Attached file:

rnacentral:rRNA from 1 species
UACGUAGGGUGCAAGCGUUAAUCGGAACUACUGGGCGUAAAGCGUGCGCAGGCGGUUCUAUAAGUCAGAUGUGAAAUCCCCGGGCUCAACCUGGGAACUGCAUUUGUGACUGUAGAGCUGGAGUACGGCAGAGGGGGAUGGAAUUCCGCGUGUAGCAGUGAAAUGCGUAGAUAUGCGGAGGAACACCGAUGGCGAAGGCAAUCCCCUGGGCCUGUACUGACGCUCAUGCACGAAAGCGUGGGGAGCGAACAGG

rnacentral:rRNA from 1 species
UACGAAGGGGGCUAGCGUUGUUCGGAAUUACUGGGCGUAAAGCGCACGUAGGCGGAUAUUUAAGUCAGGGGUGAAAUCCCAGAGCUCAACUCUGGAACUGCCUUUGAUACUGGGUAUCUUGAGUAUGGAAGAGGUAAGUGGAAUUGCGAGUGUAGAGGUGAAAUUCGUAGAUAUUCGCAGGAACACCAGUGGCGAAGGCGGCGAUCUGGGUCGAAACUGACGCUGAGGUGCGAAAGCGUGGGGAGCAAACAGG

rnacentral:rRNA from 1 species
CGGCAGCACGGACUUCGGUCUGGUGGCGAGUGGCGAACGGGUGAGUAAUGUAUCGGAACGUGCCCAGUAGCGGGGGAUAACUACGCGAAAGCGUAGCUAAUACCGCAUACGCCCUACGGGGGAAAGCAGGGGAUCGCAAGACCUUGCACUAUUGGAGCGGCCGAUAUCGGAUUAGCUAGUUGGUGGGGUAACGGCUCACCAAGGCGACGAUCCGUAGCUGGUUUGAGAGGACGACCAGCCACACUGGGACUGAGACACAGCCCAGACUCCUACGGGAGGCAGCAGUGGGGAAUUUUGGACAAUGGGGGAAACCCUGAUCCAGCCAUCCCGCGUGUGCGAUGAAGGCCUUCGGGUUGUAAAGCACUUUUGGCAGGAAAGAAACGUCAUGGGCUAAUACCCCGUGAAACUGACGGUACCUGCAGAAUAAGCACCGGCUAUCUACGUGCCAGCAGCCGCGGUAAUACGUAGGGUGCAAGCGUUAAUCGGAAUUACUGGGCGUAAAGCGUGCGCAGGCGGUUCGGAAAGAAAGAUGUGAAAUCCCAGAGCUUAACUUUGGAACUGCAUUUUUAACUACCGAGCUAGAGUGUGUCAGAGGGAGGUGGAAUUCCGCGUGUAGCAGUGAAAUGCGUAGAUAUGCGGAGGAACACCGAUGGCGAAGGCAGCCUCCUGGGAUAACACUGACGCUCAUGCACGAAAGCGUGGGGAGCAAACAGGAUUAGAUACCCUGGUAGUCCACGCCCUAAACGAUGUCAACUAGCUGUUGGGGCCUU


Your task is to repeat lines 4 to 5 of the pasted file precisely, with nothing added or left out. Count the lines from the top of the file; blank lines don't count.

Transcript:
UACGAAGGGGGCUAGCGUUGUUCGGAAUUACUGGGCGUAAAGCGCACGUAGGCGGAUAUUUAAGUCAGGGGUGAAAUCCCAGAGCUCAACUCUGGAACUGCCUUUGAUACUGGGUAUCUUGAGUAUGGAAGAGGUAAGUGGAAUUGCGAGUGUAGAGGUGAAAUUCGUAGAUAUUCGCAGGAACACCAGUGGCGAAGGCGGCGAUCUGGGUCGAAACUGACGCUGAGGUGCGAAAGCGUGGGGAGCAAACAGG

rnacentral:rRNA from 1 species